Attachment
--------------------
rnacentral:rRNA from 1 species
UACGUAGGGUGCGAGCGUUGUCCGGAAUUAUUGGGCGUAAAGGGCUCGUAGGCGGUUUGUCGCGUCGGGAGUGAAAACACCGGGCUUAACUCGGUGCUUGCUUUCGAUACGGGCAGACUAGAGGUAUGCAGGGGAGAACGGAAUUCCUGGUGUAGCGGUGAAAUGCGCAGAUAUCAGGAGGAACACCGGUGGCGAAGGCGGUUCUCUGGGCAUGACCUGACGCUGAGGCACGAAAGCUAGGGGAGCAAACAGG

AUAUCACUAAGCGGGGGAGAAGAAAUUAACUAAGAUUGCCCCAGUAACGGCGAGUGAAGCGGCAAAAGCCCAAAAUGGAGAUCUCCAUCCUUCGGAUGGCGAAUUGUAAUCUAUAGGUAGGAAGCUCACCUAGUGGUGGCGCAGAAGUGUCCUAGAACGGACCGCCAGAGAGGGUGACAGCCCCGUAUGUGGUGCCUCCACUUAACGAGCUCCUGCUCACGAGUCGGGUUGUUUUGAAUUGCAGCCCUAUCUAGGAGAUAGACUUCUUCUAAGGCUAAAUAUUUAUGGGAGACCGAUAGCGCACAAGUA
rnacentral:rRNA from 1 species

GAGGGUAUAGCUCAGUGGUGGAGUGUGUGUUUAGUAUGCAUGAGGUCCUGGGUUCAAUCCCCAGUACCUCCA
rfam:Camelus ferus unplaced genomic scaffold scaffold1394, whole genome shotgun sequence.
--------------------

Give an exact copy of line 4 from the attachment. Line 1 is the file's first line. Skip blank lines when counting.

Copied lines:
rnacentral:rRNA from 1 species